So apparently Duke has started reading. This is a good thing because, well, we have finally caught up with first graders all over the nation. Before when people at Duke were not reading, lots of bad things happened. Testaments to this fact: Trent, Curriculum 2000, Larry Moneta's new plan for West, Rick's Diner ran out of food- the list goes on. But now boldly proclaimed in large color photos in the lobby of our great Perkins Library, Duke's best and brightest stand up and proclaim: "DUKE READS."
Despite some critics, the Duke Reads program has been what seems to be an outstanding success, with Duke's most notable citizens taking part in the program. Next session's participant will include our war-hungry and fearlessly illiterate President Bush (Bush apparently signed his application George W., not realizing that he had a last name). On a sadder note, Bill Burig entered the acceptance lottery for the program and unfortunately lost. But hey, somebody has to lose these lotteries, right? Burig later said, "I am motivated by a strong desire to read all the fan mail that is sent to me every spring that I can't read yet." I think we would all agree that ignorance is truly bliss. Another applicant, Mike Dunleavy, sent in an application which was found lost in the depths of the Duke postal system with a note asking if someone could please tell him who "Nba" was and what the word "draft" means.
The most noteworthy participant in this past group of graduates from the Duke Reads program was our president, Nan Keohane. Shocking? Yes. I am sure upon reading that, there will be a collective slapping of heads as Duke's student body says aloud (in mild language). "We knew she wouldn't have stood up for the new housing policy if she had actually read it." Nan, CONGRATULATIONS! Here is a tough one for you: Curriculum 2000. Nan, if you have been able to read this far, GOOD JOB! Keep on going. Seriously though, we love you Nan. We wouldn't even trade you for a completely literate president.
One of the Duke Reads program's most spectacular achievements to date has been helping Tom Wolfe to read. Now I would like to point out that Wolfe, who by the way is also a "Duke Dad" was writing books before the Duke Reads program! This man wrote before he could read! Superbackwardsman! He was probably doing that thing before he could do that other thing! Finally, even he will know exactly what the heck he was writing about. Tommy W., if you have gotten this far, congratulations, seriously good job (Nan, you too). When asked about the program Wolfe responded, "It was a good time-. The most memorable moment of the program for me was when we all figured out the 'kick me' sign trick."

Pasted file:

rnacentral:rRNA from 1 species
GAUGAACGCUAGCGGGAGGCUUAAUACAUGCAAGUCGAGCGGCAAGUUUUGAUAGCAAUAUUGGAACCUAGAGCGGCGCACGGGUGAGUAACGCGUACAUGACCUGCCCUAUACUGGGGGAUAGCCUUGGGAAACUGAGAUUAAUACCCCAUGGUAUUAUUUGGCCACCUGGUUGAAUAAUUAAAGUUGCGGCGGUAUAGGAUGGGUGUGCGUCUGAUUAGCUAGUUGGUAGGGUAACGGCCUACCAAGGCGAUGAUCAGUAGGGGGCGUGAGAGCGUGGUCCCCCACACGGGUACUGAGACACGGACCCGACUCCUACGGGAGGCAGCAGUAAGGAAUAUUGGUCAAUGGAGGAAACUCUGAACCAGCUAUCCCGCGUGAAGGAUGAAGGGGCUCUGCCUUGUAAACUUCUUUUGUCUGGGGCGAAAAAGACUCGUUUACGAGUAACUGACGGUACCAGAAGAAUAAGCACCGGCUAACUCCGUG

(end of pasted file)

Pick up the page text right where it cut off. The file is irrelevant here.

Lino Marrero, past president of Duke Student Government, according to the posters has not quite started reading, even though half of his poster is covered with the phrase "Duke Reads". Noted in the fine print at the bottom Marrero is just "surfing the web for today's news." But hey, let's look to the future. If Duke Student Government has finally started (almost) reading, that means it will be able to get at least get three times the amount of work done than before. Which in real world terms means that you multiply the current amount of work being done (0) by the new increase in the rate of work (3) and you end up with: 3 x 0 = 0. Fantastic!
Another success story according to the posters in Perkins is our very own John Hope Franklin, professor emeritus of history, who has also started reading. Franklin was quoted as saying "The History Department had never placed a big emphasis on reading. We prefer the fly by the seat of our pants approach. Sure, the South didn't win the Civil War, but hey, it's history, it doesn't really matter." Franklin was also quoted as proclaiming "I have- some- big- emeritus-!" (For editorial purposes we condensed this quote. The original spanned many pages. Word order was also altered for coherency purposes.)
Billy "Beef Sticks" Jones, was also a member of the Duke Reads program. In an exclusive interview with Beef Sticks, he said that he was upset that he didn't have a picture on the wall of the library. Beef Sticks, as friends refer to him, also claimed that during one of the initial tests, Nan tried to cheat off of him. According to Duke Reads founder, the man formerly known as Chef Pete, things then went sour. "Nan had a natural tendency to push people around, and she sort of ganged the class up against BJ-. At the time we sort of shrugged it off saying, 'Presidents will be presidents.'" And, although showing initial high scores, Billy Jones sadly left the program after the fourth week.
Reynolds Price has also started reading. This may not mean that much to you until I explain something. Reynolds Price is none other then a James B. Duke Professor of English! I always knew that all those English majors were faking it. Seriously, do you really think Shakespeare would have written something like, "'Tis pity she's a w----." Of course not! Shakey, as his friends used to call him, was actually best known for his bad pickup lines. His perennial favorite was the old (over-used at the time), "I'd like to Trojan Horse your city gates."
The Second Gunman wholeheartedly supports all the hard work that Duke's finest have put into the program. The only thing that he can't figure out is, if all these people are supposed to be reading, why aren't they looking at the books in the posters?
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